More than 19 million people are enrolled in higher education in the US today and more than 16 million of them take classes at the undergraduate level. The popular conception of college is young men and women living in dorms and taking classes full-time. Reality is different. Less than one in five students attend a residential college. Most students study while living at home and part-time study is common, especially among older students. One of three college students is over the age of twenty-five. And about 44% of all college students study at a community college.
These facts are important. They help us understand and frame discussions about higher education – where it is today and where it might go in the future. It is vital that the media reports this accurately if we are to have an informed conversation about education. Unfortunately, stereotypes are often perpetuated, like recently in Sunday’s September 13 New York Times.
I have been a Times reader for longer than I care to admit. But before you jump to conclusions, please permit a brief qualifier: I do not take it as gospel. It is a strong newspaper, deep in many areas and weak in others. On that later point, a few thoughts about the Sunday magazine “Education Issue.”
The magazine runs 70 pages, including a few recurring features like the crossword puzzle. The issue features six articles on higher education: Adam Davidson on tuition, Nikole Hannah-Jones on Xavier University’s strong pre-med program for African-Americans, Clive Thompson on Uber and other tech firms raiding research institutions, a visual piece on architecture at the University of Cincinnati, and Emily Bazelon on sexual assault in higher education.
Starting the issue is a thoughtful piece by Kwame Anthony Appiah on the competing trends in American higher education: utility and utopia. It is a provocative lens to understand the push by many for a college education to lead to a good job (the utilitarians) and the contrasting want to make sure that college students have a strong liberal arts degree (the utopians). Both, of course, are exist in most institutions of higher education. A traditional four-year degree in America consists of at least half the courses in general education. We are a long ways from specific vocational training. Any step in the direction, however, and every perceived weakening of a commitment to liberal arts, is fiercely contested.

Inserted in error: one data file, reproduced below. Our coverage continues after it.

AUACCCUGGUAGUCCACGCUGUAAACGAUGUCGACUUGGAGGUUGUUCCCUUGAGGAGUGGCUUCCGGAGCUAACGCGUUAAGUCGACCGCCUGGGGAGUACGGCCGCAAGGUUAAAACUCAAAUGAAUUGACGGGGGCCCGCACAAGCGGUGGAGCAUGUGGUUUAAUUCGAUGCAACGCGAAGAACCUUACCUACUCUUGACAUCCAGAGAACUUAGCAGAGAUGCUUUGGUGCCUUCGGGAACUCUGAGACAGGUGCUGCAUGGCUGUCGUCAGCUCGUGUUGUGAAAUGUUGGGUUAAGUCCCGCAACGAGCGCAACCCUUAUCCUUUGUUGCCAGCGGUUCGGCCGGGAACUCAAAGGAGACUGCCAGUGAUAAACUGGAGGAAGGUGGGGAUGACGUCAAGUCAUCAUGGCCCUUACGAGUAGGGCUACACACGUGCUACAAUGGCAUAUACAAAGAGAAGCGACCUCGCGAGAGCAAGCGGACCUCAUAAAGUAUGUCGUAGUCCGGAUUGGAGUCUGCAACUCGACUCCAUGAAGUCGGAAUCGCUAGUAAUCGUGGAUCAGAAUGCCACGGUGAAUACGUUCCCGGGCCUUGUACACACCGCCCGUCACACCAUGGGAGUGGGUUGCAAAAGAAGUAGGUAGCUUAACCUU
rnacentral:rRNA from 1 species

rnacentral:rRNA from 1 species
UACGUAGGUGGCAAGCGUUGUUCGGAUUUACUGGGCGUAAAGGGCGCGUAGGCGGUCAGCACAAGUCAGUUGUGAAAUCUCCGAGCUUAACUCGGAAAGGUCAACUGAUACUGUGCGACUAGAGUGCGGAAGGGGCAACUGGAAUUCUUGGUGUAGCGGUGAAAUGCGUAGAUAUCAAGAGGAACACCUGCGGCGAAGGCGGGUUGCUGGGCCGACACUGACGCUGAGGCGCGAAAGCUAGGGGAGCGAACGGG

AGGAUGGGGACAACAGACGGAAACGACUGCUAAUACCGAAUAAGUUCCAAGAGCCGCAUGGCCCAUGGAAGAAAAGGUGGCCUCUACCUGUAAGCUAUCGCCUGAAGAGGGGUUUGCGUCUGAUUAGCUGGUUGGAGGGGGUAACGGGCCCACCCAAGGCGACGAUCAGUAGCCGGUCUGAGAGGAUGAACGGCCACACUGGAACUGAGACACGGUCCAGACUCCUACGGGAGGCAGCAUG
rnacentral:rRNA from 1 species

The Education Issue does not claim to be comprehensive. It does, though, cast a broad view of American higher education through the articles and topics it presents: academic values, cost, politics, race, and gender. Amid all that prose and thought about higher education, community colleges are mentioned but once. The reference is specific – two paragraphs about the successes of the CUNY ASAP program and with the observation that it is showing remarkable gains in helping at risk students. The City University of New York’s program offers students a highly structured, and supported, associate degree. It has helped many more students graduate.
The reference is something of a backhand compliment. CUNY’s community colleges are labeled as one of the nation’s most troubled, without any criteria. Ignored are the problems with measuring a community college’s graduation rate by first-time full-time students, as well as the honors and high rankings of CUNY’s community colleges.
The blinkered coverage in the New York Times’ education issue perpetuates traditional misconceptions of higher education. Tremendously important and interesting things are taking place at community colleges, where more than two out of five of all college students study. The value and potential of this massive sector in American higher education should be a consistent part of the conversation.
The media – New York Times and others – need to be more thoughtful and inclusive when reporting on higher education.